Thursday, March 5, 2009


By Kim Smith

First, what is an e-book? Well, according to the online encyclopedia, Wikipedia, an e-book, also known as an electronic book, is the digital media equivalent of a conventional printed book. Whereas a printed book has a physical form, an e-book is downloaded to one’s computer, mobile phone, or digital reader such as the Sony Reader, or the Amazon Kindle. In this new digital age, we have traded dots and dashes for exes and ohs.

Many people believe digital is the way to go.

Here are a few reasons to go digital and purchase e-books.

1.A green solution, as there are no trees destroyed in the creation of an e-book.
2. Eliminates the need for a physical location to store your book collections. A Sony Reader or Amazon Kindle, for example, can hold up to hundreds (if not thousands) of books. Far more than you could house in your living room bookcase.
3. Keeps books available longer as there is no need to keep an inventory of them. Why should they be discontinued, or as it was once said, “go out of print”?

Purchasing e-books can be an easy feat. At my publisher’s site, downloading an e-book to your computer or reader is very simple. We all have become “download masters” thanks to music sites that allow downloads and online purchasing. Getting an e-book this way is a natural step forward from that.

For writers who may have an e-book coming out, promoting your e-book has never been simpler. If you have a website, you are halfway there.

Here are a few ways to market your e-book.

1. Hire a web designer (or do it yourself) and create a platform (website) with which to work from and advertise the book. You should begin advertising the coming book at least six months prior to the release date to generate a buzz.
2. Have a contest once the e-book has been released to generate interest in purchasing.
3. Get your online friends who have websites to link to your website and you link to theirs and create a group of places where potential readers can surf in and get the latest details about your book.
4. Give your e-book to e-book reviewers and post the reviews on your website. Reviews are a huge way to get people to look at an e-book that they might have otherwise overlooked.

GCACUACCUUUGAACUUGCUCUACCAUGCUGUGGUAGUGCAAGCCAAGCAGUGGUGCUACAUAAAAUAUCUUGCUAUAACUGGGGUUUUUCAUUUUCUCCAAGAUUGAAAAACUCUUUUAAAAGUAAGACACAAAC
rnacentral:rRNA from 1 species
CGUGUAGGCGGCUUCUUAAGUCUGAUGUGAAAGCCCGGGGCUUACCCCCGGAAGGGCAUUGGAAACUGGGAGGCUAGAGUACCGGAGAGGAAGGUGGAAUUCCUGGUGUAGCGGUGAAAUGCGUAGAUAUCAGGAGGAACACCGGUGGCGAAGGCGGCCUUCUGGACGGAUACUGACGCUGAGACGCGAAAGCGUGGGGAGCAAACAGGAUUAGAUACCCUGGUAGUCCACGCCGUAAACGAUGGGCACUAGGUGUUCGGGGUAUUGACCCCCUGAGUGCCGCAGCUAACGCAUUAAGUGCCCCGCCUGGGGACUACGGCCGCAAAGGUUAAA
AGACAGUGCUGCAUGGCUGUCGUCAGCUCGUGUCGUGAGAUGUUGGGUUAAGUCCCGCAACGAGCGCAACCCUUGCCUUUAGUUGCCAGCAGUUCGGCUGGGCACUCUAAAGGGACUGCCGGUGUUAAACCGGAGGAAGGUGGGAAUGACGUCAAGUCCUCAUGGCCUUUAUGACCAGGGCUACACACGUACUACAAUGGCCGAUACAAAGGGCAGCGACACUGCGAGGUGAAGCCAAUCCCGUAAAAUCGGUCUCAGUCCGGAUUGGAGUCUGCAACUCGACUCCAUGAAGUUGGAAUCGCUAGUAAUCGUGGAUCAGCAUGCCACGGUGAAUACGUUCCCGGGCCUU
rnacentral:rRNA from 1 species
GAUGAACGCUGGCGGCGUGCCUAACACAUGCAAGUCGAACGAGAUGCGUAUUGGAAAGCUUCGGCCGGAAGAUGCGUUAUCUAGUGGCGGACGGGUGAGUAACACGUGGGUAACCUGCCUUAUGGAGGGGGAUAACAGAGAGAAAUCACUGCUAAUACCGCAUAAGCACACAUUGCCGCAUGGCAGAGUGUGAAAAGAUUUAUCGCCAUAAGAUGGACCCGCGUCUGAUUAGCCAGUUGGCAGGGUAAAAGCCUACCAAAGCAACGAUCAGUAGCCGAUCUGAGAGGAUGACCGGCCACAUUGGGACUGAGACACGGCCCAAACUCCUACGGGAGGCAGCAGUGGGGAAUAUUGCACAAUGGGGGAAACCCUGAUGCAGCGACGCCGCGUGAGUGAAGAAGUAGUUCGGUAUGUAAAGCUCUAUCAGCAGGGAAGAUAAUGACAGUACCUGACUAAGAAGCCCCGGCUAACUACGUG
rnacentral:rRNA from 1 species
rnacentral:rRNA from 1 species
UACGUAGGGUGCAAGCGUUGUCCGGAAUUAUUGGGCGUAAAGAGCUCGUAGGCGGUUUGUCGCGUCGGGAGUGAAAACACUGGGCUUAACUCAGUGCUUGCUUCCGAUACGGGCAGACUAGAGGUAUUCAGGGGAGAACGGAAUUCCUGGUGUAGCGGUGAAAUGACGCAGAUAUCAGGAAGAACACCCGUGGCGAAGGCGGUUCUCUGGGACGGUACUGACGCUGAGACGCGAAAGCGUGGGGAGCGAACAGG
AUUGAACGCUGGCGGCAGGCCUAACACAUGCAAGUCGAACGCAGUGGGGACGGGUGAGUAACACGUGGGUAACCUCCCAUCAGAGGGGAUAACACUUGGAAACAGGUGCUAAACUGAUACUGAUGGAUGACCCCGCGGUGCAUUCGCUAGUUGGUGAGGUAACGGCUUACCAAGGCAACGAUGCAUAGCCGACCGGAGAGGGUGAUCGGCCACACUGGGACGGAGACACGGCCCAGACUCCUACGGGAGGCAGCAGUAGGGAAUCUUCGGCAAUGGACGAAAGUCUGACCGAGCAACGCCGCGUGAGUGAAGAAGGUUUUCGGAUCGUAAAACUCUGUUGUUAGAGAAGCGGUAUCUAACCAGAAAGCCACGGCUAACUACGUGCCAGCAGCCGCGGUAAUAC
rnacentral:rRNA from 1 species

Of all the things a writer must do if they are planning a promotional campaign for an electronic book is to write well. That cannot be said strongly enough. The reading public has little toleration for a print book that is written shoddily, so one can imagine the opinion of a book form that can easily be deleted!
Since e-books are cheaper, their value is oftentimes diminished. They are looked upon as a less worthy read just because they are not in print. We can change that perception by writing the best book we can write, and editing it thoroughly.

E-books are touted as being the next phase in the life span of the book industry, and indeed, even major houses have begun using this technology to get books into the hands of readers. Now you can find big names as well as small ones at places like Fictionwise (, a leading independent e-book publisher and distributor. Fictionwise also has a “best seller” list so that potential buyers can find the best of the best in their catalog.

E-books are here to stay. Let’s make their life in the literary realm one of importance and substance.


s.w. vaughn said...

Great post, Kim - and excellent advice for folks with e-book releases! Got one of those coming up soon, myself. :-)

And I SO want a Kindle. Droooool. :-)

Kim Smith said...

You know, I want a dang IPHONE. I went to the AT and T store and got a demo and recently found out that there is an app for it to read ebooks and so now I want one even more. Gosh how I wish I was rich instead of beautiful!